His reply was lost in a haze of frightening moments, but I’ll never forget what happened next. He brought the weapon up to his head. “It’s over tonight,” he said.
The words resonated in my mind. Then he made a slight movement with his wrist, barely perceptible, but in conjunction with his statement, it seared into my mind. I was certain he was about to pull the trigger and shoot himself.
Screaming at him, I shot him once in the center mass of his body, striking him in the stomach. In response, a barrage of bullets came my way. Instantly, I felt my left hand and arm burning, and I was no longer able to hold my weapon. I fell to the ground while hearing my sister screaming for me. As quickly as it began, the shooting stopped. I later learned he had emptied his gun.
I was down but not out. I heard the officers in the foyer and recall yelling to them. “The gun’s on the floor—it’s empty—lying next to the shooter in the middle of the room.” I tried to provide them with as much tactical information as possible.
I picked up the phone that I had previously set down. The line was still open. “Send an ambulance; there’s been a shooting.” There was some confusion as to which one of us was shot, and I am sure that my racing adrenaline caused me to be less clear than normal.
Once the EMTs arrived and things were secured, my brother-in-law and I were transported to the same hospital. I had been shot at nine times and hit with four rounds. One bullet went through my upper left arm, nicking a nerve, thus causing the burning in my arm and hand. That round is also what caused me to drop my gun. Two shots went through my left knee, though neither of them hit any bones. There was another round that went through my left calf, through the meaty part, and didn’t hit anything vital.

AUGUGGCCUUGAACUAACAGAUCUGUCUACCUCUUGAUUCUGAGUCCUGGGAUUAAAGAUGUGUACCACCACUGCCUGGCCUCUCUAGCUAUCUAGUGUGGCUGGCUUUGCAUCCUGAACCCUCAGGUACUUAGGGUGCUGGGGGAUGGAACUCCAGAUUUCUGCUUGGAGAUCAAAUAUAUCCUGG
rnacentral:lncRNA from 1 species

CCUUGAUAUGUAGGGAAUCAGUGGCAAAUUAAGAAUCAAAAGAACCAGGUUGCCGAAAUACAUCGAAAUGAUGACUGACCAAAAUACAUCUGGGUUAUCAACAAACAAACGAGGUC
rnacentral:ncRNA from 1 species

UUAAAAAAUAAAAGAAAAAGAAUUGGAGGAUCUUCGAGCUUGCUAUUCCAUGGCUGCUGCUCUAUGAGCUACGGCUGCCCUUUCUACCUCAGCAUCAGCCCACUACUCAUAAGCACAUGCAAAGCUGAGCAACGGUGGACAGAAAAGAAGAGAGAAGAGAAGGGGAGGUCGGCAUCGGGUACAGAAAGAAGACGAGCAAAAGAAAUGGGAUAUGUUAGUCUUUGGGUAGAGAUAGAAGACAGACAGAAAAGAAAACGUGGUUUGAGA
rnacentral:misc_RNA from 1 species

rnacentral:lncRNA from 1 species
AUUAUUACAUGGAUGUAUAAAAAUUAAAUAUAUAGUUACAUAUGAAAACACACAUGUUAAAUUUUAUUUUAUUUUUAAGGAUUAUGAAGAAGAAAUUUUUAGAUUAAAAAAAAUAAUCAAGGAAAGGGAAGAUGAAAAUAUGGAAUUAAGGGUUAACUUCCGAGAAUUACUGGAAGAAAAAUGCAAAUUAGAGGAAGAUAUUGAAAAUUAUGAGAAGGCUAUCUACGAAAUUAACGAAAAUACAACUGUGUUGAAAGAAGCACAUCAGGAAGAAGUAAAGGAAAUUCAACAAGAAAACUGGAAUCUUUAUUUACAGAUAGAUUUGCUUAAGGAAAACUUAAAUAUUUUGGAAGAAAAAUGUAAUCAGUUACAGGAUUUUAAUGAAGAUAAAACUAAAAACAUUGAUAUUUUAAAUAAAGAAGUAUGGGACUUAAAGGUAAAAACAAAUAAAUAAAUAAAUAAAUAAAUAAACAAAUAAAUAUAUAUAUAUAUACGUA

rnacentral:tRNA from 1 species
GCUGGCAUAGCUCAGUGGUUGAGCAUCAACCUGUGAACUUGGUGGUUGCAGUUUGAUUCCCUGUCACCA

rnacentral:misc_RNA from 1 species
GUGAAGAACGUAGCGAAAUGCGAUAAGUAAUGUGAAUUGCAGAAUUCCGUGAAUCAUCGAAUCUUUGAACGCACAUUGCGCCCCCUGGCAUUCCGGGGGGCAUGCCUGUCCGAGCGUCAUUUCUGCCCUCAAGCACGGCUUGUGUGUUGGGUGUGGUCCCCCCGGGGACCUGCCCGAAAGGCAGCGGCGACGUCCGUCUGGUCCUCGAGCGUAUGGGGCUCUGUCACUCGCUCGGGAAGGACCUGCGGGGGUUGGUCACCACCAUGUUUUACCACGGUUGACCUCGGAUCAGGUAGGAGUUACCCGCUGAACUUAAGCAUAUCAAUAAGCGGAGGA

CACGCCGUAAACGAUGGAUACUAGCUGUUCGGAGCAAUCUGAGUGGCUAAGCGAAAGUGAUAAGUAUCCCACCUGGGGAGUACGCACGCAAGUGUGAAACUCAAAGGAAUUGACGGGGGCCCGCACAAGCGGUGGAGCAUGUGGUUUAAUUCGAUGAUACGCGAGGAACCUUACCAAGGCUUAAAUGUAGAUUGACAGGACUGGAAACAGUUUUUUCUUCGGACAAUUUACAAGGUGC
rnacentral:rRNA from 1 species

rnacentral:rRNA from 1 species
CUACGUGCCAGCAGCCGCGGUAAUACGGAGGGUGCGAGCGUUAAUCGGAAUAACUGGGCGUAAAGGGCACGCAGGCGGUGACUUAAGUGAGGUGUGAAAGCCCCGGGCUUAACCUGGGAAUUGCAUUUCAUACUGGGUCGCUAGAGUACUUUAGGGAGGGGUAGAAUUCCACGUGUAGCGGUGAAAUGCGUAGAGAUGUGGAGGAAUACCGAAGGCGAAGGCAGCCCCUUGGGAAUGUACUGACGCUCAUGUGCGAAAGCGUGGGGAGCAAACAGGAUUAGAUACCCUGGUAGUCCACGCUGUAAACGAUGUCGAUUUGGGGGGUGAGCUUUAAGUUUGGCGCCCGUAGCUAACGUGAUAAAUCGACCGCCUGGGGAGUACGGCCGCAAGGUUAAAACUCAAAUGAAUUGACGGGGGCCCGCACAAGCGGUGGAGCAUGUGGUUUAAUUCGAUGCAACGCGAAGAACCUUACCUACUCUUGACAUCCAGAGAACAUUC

My brother-in-law suffered a wound to his abdomen.
Ironically, I remember being worried about him. Although others have questioned why I did not “shoot to kill,” the truth is I never wanted him to die. In fact, when I began to think clearly once again, I kept hoping maybe something good could come from this situation. I was hopeful for an epiphany on his part, and I worried about my sister, niece and nephew. What would happen now?
Ultimately, a plea agreement was reached and my brother-in-law went to prison. To my knowledge, he fully recovered from his wounds. He has since been released and has visitation rights with my niece and nephew. Needless to say, I still worry about their safety.
I have permanent nerve damage in my left arm, which affects my hand. Half of my left hand is numb but I can still function, and I’m able to continue to work as a police officer. My left knee is problematic and arthritic, which is to be expected from that type of trauma. I also fell on the ice while recovering from the gunshots and sustained a tibial plateau fracture. As one would expect, this injury exacerbated the already tenuous state of my knee. I have had no further issues with the bullet wound through my calf.
It is exceptionally difficult for me to write about something so dynamic and explosive. I am not sure I am capable of completely articulating the events of that day; nevertheless, that experience was life altering in many ways. And while I play the events over and over again in my mind, I am certain I would do things the same way. Those of us in law enforcement willingly accept danger and have no qualms about risking our lives in order to protect others, most of whom are strangers. To have been given the opportunity to protect my own family is something I consider a gift.
(For more stories compiled by John Wills in “Women Warriors: Stories from the Thin Blue Line” go to www.totalrecallpress.com or amazon .com.)